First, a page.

Abortion applied

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  • Abortion applied
    • Natural Law
      • Real and apparent goods: mother may see it as a good thing, an apparent good with her believing she is fulfilling PP of defend the young but her reason is clouded by emotion
      • Interior act is believed to be defending the innocent, but the exterior act is going against defend the innocent, therefore this is an apparent good.
      • Could support defend the innocent, apparent good, and prevents overpopulation for an ordered society, apparent good. Goes against defend the innocent, reproduction
      • If abortion occurs as a result of something else, such as chemotherapy, it is not immoral as it was not intentional
    • Situation  ethics
      • If done out of selfless love, such as mother not being able to financially support the child, this is done out agape and is therefore moral
    • Utilitarianism
      • Bentham- considering pain vs. pleasure, pleasure is not experienced in either of the situations  of whether or not to have an abortion. Therefore the outcome which produces the least amount of pain is the moral option
        • The hedonic calculus, such as duration and fecundity will determine whether an abortion would be moral.
        • The quantity, whatever it is that will bring the most "pleasure" or the least amount of pain for the majority of people involved determines the morality of abortion
      • Mill-  higher and lower pleasures, abortion is moral as it would fulfil a higher pleasure due to the affect an unwanted child could cause mental pain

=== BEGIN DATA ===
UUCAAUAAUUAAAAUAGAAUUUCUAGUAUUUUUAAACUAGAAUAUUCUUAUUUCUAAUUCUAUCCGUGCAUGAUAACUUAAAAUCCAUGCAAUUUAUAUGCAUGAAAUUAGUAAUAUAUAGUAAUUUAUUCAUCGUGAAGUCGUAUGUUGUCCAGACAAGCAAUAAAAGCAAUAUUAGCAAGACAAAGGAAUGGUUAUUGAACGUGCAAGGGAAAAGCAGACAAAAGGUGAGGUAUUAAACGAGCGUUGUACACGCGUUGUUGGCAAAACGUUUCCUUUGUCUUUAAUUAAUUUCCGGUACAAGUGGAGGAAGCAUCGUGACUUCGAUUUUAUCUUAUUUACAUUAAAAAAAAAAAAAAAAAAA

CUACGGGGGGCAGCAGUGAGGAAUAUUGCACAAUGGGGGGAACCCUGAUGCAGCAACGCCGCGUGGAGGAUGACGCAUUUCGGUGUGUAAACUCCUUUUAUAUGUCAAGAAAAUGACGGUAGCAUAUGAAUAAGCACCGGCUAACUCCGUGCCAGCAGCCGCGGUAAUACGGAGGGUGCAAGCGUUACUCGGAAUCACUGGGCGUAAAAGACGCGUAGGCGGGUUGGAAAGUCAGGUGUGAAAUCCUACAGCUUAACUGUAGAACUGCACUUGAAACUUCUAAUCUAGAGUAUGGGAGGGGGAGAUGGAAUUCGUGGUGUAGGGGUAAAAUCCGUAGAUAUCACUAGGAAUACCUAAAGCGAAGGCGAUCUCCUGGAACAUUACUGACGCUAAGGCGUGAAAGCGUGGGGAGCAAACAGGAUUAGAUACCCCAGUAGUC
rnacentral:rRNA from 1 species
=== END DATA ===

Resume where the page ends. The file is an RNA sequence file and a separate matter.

• Greatest good for the greatest happiness- the common good includes the minority and their views will be taken into account
      • Preference-hare and singer. The preference of  everyone involved with the unborn foetus in order to compromise. Whatever the preference of everyone else, selflessness, is the most moral thing to do
    • Kantian ethics
      • Categorical imperative
        • The universal law- abortion cannot be universalised as this would result in no more reproduction and the human race would die out
        • Human as a means to and end- Kant was unclear about the moral status of a foetus
        • A kingdom of ends- continuation from universal law as "human as means to an end" is not clear
    • Divine command theory
      • "Thou shalt not murder" teaching in the Decalogue, which is basis of morality
      • The idea that human life is sacred and God-given "before I formed you in the womb I knew you" and we are made in imago dei, the image of God


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